December 22, 2010
No stay on construction, as petitioners in timetable case agree to withdraw motion in light of ESDC's report; will file new motion next month
Atlantic Yards Report
There will be no stay on Atlantic Yards construction for now and, given the momentum of time, the bar grows higher.
Two community coalitions sought a stay on some if not all Atlantic Yards construction because of the Empire State Development Corporation's (ESDC) failure to analyze the impact of a 25-year construction schedule.
But last week, the ESDC issued findings that no Supplemental Environmental Impact Statement (SEIS) is necessary and, while petitioners Develop Don't Destroy Brooklyn and BrooklynSpeaks consider that analysis vastly inadequate, it was too soon to argue that in court.
So, in a very brief hearing today before state Supreme Court Justice Marcy Friedman in New York County Supreme Court, the parties--the petitioners as well as the defendants, the ESDC and Forest City Ratner--agreed that the request for a stay would be withdrawn.
"They acted last week," BrooklynSpeaks attorney Al Butzel said of the ESDC decision, "and there's a presumption [on the part of the court] that they acted legitimately, which changed the balance." BrooklynSpeaks and DDDB disagree and will argue that next month.
As part of the stipulation, the petitioners have until January 18 to file a supplementary petition arguing that the ESDC's analysis is inadequate--and to bring another request for an injunction. The could lead to another oral argument in the case in February.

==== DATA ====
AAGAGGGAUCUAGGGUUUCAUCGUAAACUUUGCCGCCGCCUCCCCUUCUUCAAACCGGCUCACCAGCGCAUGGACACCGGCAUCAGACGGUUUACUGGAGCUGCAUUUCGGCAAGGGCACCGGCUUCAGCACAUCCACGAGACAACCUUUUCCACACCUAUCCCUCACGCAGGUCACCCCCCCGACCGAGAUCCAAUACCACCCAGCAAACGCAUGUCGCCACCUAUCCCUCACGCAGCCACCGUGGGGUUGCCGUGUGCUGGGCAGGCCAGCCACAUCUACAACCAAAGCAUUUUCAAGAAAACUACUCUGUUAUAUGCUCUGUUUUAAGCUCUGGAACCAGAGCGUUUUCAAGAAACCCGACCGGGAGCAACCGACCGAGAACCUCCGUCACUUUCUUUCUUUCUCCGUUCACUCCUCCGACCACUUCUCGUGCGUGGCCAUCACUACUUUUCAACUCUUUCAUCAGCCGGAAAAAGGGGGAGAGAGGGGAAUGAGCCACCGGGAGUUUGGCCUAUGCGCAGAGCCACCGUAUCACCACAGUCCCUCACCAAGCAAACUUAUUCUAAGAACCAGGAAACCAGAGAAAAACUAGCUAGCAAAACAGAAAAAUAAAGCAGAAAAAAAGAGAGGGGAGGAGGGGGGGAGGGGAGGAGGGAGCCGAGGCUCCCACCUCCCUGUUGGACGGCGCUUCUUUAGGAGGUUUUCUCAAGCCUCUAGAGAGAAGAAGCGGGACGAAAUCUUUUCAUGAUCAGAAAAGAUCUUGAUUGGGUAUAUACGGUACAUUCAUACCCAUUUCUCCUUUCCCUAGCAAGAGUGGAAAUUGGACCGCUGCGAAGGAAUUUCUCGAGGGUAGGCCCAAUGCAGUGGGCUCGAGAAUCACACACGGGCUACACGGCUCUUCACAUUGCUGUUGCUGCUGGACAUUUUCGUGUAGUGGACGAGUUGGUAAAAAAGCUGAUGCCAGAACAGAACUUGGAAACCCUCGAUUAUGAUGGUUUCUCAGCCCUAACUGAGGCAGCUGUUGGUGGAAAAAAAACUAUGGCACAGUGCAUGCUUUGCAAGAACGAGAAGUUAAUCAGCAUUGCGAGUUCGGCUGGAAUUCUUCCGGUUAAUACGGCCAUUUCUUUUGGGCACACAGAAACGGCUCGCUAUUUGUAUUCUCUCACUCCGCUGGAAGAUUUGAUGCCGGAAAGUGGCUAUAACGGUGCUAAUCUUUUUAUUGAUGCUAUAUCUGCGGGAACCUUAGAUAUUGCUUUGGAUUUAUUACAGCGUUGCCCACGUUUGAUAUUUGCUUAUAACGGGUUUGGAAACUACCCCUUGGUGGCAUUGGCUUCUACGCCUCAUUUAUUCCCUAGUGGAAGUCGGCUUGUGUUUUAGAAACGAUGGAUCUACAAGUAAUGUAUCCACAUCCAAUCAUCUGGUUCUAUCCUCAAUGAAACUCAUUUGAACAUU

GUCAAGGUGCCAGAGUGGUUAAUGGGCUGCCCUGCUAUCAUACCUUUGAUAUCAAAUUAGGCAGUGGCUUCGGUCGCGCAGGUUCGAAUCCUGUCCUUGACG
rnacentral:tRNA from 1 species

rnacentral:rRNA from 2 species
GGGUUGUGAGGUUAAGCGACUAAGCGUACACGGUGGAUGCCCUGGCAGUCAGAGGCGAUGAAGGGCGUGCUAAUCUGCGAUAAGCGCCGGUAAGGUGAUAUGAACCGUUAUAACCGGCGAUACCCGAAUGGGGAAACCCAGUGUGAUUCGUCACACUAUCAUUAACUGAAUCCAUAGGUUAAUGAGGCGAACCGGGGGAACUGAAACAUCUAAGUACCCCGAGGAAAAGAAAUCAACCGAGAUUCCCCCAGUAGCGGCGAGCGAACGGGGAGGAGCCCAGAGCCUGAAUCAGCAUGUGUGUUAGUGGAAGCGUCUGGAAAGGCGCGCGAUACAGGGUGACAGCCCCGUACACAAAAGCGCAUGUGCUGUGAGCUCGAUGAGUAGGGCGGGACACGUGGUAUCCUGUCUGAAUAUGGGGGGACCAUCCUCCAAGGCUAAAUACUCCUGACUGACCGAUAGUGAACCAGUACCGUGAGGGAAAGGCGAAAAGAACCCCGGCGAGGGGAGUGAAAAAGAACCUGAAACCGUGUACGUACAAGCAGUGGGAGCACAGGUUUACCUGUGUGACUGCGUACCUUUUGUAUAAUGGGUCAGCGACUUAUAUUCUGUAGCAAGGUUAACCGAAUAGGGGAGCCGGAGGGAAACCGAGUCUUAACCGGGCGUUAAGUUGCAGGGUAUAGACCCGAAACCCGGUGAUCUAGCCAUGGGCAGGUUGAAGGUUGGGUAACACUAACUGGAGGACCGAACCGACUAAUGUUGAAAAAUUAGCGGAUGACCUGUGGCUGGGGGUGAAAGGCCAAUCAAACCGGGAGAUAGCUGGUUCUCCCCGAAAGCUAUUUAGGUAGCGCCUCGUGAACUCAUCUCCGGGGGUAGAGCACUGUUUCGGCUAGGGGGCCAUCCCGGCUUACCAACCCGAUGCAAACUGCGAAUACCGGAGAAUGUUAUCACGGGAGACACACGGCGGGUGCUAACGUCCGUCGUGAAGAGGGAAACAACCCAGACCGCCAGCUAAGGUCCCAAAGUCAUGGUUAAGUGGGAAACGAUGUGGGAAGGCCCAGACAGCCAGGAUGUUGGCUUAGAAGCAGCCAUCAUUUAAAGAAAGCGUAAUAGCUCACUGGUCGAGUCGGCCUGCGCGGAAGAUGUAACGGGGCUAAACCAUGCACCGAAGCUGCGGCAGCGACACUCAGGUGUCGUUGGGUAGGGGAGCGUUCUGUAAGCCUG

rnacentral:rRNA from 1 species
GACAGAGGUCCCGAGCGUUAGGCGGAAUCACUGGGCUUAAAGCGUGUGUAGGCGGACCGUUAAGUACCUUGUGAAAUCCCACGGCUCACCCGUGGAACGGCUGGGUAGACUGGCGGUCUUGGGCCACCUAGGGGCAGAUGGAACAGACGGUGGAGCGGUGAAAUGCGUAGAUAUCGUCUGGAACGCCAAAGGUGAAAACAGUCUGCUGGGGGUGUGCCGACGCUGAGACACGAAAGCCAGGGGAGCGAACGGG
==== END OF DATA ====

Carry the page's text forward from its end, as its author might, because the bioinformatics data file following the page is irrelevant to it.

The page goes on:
Park Slope Patch, Atlantic Yards Construction To Continue
Construction at Atlantic Yards will be allowed to continue after a deal was struck in court today by both sides of a lawsuit challenging development of the 22-acre Prospect Heights plot.
Calling it a "legal reality," representatives for the petitioners withdrew a motion to stop construction, but they continued to criticize how the Empire State Development Corporation, the state agency overseeing development, has handled the process.
"My view is the ESDC is responding in a way that misses the major concern, which is how 25 years of construction will affect people living in the neighborhood." said Al Butzel, attorney for BrooklynSpeaks, one of the community groups that is petitioning the development.
Posted by eric at December 22, 2010 10:27 PM